Roaring Tiger
Roaring Tiger
Roaring Tiger

Roaring Tiger

Seiko (Japanese, active late 19th century)
circa 1890-1900
Bronze, glass, wood
Work : 7 1/2 x 15 1/2 x 4 1/2 in. (19.05 x 39.37 x 11.43 cm)
Credit Line
Hope College Collection
Object Number

The history of Japanese sculpture stretches back more than 2,000 years. Prior to the 17th century, Japanese sculpture was primarily religious. A limited tradition of secular sculpture evolved between the 17th and mid-19th centuries, mostly in the form of carved toggles called netsuke that were used to secure purses and other small containers to people’s clothing. Purely decorative sculptures also existed at that time but were relatively rare. Sculpture’s status changed in the early Meiji period as Japanese artists learned more about Western sculptural traditions and began to produce sculptures aimed at Western buyers. In 1876, an Italian artist named Vincenzo Ragusa was hired by the Meiji government to teach Western-style sculpture at the Technical Fine Arts School in Tokyo. Ragusa introduced the classical and academic traditions of European sculpture, which were soon taken up by Japanese artists working in a variety of materials including metal, wood, ivory and ceramic. Birds and animals were especially popular subjects with Meiji sculptors, partly because those subjects were familiar from native Japanese art traditions and partly because they sold well in Western markets. This sculpture imitates the naturalistic depictions of wild animals produced by 19th century European artists like Antoine-Louis Barye. Improved understanding of different patination and polishing techniques allowed Meiji bronze sculptors to create figures with a wide range of surface effects.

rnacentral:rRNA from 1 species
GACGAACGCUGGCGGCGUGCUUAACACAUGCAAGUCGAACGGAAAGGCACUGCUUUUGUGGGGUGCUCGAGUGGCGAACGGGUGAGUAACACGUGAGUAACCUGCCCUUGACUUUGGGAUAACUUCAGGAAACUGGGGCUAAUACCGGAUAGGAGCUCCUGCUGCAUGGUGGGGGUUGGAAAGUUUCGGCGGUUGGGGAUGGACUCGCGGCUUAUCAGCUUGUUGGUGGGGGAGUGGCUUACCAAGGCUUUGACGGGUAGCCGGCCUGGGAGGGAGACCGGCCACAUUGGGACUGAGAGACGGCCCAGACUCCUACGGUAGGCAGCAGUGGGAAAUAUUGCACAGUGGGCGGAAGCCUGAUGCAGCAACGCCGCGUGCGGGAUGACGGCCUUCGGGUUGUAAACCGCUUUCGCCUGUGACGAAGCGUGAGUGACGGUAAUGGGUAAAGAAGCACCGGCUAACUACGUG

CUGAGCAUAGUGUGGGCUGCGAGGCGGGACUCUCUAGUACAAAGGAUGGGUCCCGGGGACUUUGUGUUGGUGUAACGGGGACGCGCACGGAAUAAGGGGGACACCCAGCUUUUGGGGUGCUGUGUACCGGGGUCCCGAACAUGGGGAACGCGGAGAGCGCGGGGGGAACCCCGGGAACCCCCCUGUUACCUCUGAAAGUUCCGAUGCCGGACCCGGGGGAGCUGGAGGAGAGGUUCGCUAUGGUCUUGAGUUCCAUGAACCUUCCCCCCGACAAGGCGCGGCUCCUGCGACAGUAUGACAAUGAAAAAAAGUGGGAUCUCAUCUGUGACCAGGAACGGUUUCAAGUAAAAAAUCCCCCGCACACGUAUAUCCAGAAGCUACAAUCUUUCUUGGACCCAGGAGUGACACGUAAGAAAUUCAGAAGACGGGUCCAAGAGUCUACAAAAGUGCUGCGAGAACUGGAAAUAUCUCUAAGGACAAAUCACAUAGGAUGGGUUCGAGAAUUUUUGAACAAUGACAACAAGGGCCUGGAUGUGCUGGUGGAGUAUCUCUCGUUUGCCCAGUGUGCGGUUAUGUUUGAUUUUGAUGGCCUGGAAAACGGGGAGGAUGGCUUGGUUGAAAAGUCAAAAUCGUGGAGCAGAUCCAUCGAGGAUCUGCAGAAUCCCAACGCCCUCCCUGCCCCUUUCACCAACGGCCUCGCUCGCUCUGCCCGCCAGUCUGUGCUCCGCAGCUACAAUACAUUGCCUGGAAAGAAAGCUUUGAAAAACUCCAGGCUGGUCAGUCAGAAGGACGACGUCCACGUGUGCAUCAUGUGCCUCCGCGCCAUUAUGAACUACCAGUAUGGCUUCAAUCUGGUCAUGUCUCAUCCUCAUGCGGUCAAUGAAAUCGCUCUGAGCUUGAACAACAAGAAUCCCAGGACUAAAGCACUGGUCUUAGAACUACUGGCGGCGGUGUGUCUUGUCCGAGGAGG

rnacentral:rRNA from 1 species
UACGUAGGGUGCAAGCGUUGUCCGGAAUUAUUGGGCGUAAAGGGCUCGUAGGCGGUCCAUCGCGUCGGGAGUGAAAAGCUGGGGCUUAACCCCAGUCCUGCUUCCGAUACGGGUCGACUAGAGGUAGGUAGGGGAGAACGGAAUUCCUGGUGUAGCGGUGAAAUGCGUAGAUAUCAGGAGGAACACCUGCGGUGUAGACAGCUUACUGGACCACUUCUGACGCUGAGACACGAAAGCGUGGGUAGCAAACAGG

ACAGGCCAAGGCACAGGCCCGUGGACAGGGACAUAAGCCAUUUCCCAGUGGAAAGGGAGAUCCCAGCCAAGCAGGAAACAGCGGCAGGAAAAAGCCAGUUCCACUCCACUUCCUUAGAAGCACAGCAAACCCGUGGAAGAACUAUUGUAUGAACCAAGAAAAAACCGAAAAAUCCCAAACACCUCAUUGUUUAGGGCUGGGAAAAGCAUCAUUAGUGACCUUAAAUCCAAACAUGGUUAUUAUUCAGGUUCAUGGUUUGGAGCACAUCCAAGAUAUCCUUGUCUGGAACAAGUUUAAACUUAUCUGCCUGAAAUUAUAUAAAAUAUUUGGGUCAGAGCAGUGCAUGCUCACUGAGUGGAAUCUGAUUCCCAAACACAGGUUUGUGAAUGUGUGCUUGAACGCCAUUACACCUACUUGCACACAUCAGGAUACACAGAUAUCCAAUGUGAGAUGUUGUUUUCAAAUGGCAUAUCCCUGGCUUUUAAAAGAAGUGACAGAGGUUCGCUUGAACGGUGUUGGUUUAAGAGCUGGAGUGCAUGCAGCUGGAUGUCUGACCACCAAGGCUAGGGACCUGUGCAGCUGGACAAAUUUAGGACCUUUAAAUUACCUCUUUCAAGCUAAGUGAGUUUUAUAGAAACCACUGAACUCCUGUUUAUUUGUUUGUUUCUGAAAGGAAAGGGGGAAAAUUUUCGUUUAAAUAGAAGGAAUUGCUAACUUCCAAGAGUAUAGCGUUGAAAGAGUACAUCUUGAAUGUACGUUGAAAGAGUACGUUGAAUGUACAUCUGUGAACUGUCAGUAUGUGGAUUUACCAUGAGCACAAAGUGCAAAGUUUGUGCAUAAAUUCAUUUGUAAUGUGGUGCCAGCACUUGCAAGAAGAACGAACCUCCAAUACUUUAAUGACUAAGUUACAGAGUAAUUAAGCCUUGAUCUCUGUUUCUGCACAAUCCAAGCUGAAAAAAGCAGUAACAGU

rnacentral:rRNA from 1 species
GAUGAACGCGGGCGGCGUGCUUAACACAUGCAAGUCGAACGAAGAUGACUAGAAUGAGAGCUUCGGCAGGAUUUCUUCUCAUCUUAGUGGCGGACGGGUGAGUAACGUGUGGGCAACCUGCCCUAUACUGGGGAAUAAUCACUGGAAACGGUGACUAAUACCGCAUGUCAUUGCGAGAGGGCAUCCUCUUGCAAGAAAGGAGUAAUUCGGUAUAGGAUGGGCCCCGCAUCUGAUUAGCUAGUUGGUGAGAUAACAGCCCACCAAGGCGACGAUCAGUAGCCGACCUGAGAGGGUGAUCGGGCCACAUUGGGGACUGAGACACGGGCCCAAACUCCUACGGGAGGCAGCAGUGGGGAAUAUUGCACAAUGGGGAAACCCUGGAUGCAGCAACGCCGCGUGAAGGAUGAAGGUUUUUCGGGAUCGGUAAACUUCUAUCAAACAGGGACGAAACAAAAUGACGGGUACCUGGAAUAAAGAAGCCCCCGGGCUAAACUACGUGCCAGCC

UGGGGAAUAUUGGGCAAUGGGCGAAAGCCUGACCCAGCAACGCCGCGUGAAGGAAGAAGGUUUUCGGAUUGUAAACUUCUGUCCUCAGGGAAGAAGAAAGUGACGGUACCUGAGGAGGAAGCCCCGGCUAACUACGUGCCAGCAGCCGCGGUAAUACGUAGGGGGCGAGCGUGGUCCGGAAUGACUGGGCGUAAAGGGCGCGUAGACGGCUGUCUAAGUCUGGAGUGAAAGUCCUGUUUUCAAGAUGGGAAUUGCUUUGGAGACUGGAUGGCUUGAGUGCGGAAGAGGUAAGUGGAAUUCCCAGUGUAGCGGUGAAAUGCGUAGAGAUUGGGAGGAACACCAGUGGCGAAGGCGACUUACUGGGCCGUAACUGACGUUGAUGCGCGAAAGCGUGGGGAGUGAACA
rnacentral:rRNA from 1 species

Object Type